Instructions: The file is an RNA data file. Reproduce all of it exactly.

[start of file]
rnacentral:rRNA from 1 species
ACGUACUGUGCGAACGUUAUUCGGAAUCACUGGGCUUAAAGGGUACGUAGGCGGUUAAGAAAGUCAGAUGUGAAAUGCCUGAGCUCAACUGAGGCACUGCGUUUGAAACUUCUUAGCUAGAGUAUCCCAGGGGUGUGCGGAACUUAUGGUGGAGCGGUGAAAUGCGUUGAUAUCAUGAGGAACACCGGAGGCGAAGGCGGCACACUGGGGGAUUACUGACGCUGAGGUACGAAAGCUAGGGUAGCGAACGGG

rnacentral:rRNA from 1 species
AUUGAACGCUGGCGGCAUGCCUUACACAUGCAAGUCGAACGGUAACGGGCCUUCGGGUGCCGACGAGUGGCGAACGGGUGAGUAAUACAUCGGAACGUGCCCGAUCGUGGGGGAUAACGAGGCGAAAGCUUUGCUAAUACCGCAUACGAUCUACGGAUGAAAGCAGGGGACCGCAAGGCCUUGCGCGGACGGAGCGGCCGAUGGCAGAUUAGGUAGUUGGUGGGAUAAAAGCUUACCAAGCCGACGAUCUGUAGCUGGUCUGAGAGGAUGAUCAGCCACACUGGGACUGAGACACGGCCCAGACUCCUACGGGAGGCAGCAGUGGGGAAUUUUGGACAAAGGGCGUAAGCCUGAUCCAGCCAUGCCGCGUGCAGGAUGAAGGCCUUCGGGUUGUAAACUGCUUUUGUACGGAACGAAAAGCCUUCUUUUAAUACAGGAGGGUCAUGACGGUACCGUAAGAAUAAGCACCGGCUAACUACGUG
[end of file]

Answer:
rnacentral:rRNA from 1 species
ACGUACUGUGCGAACGUUAUUCGGAAUCACUGGGCUUAAAGGGUACGUAGGCGGUUAAGAAAGUCAGAUGUGAAAUGCCUGAGCUCAACUGAGGCACUGCGUUUGAAACUUCUUAGCUAGAGUAUCCCAGGGGUGUGCGGAACUUAUGGUGGAGCGGUGAAAUGCGUUGAUAUCAUGAGGAACACCGGAGGCGAAGGCGGCACACUGGGGGAUUACUGACGCUGAGGUACGAAAGCUAGGGUAGCGAACGGG

rnacentral:rRNA from 1 species
AUUGAACGCUGGCGGCAUGCCUUACACAUGCAAGUCGAACGGUAACGGGCCUUCGGGUGCCGACGAGUGGCGAACGGGUGAGUAAUACAUCGGAACGUGCCCGAUCGUGGGGGAUAACGAGGCGAAAGCUUUGCUAAUACCGCAUACGAUCUACGGAUGAAAGCAGGGGACCGCAAGGCCUUGCGCGGACGGAGCGGCCGAUGGCAGAUUAGGUAGUUGGUGGGAUAAAAGCUUACCAAGCCGACGAUCUGUAGCUGGUCUGAGAGGAUGAUCAGCCACACUGGGACUGAGACACGGCCCAGACUCCUACGGGAGGCAGCAGUGGGGAAUUUUGGACAAAGGGCGUAAGCCUGAUCCAGCCAUGCCGCGUGCAGGAUGAAGGCCUUCGGGUUGUAAACUGCUUUUGUACGGAACGAAAAGCCUUCUUUUAAUACAGGAGGGUCAUGACGGUACCGUAAGAAUAAGCACCGGCUAACUACGUG